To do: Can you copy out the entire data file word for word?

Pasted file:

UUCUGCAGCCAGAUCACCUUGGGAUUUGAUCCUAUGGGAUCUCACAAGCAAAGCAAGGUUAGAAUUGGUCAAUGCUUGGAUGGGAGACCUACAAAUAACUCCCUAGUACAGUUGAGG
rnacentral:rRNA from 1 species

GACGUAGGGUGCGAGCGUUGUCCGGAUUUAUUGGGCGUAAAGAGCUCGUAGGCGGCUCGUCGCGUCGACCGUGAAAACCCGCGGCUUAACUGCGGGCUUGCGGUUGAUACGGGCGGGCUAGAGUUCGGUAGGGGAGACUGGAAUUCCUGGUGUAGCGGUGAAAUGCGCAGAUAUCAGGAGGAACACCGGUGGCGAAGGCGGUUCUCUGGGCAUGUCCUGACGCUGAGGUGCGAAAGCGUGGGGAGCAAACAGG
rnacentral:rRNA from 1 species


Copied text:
UUCUGCAGCCAGAUCACCUUGGGAUUUGAUCCUAUGGGAUCUCACAAGCAAAGCAAGGUUAGAAUUGGUCAAUGCUUGGAUGGGAGACCUACAAAUAACUCCCUAGUACAGUUGAGG
rnacentral:rRNA from 1 species

GACGUAGGGUGCGAGCGUUGUCCGGAUUUAUUGGGCGUAAAGAGCUCGUAGGCGGCUCGUCGCGUCGACCGUGAAAACCCGCGGCUUAACUGCGGGCUUGCGGUUGAUACGGGCGGGCUAGAGUUCGGUAGGGGAGACUGGAAUUCCUGGUGUAGCGGUGAAAUGCGCAGAUAUCAGGAGGAACACCGGUGGCGAAGGCGGUUCUCUGGGCAUGUCCUGACGCUGAGGUGCGAAAGCGUGGGGAGCAAACAGG
rnacentral:rRNA from 1 species